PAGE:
Confession in case of Etan Patz brings hope, tears to families of the missing
By Allen G. Breed,
May 28, 2012, 11:48 am TWN
After 33 years, someone has confessed to killing 6-year-old Etan Patz. And people immediately start speaking of "closure."
Patty Wetterling hates the word.
Since 1989, she and her husband have writhed in the same hell as Stan and Julie Patz. Whatever path they might have been on, it was irrevocably altered that October evening when a masked man walked away with their 11-year-old boy, Jacob.
"Once you're a victim of a crime like this, your life takes a very different direction," the St. Joseph, Minnesota, woman says. "It doesn't really close anything, because everything just became different from that point on. But it does provide answers."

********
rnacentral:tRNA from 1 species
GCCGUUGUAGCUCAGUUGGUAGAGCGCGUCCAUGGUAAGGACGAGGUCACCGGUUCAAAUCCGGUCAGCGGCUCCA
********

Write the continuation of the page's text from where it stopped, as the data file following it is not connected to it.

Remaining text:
Thanks to the wonders of modern computer graphics, these parents can watch their children "age" — digitally, at least. But no one can write a program capable of generating the milestones — high school graduation, college, marriage, parenthood — that come along with growing up.
Some, like Mike and Maddi Misheloff of Dublin, California, exist in a kind of suspended animation, unwilling to move or even redecorate the lost one's bedroom.
Many, like the Patzes, live with the "what ifs." What if they hadn't given in to his "please," hadn't let him make his first solo walk to the school bus stop that May day in 1979?
A few suffer under a cloud of suspicion themselves — like Judy Moore of Jackson, Kentucky, whose 6-year-old son, Kelly, disappeared in 1982 while playing in the snow.
Back when Etan vanished, authorities put the children's faces on milk cartons. Today, their names and images flash across the Internet and digital highway signs.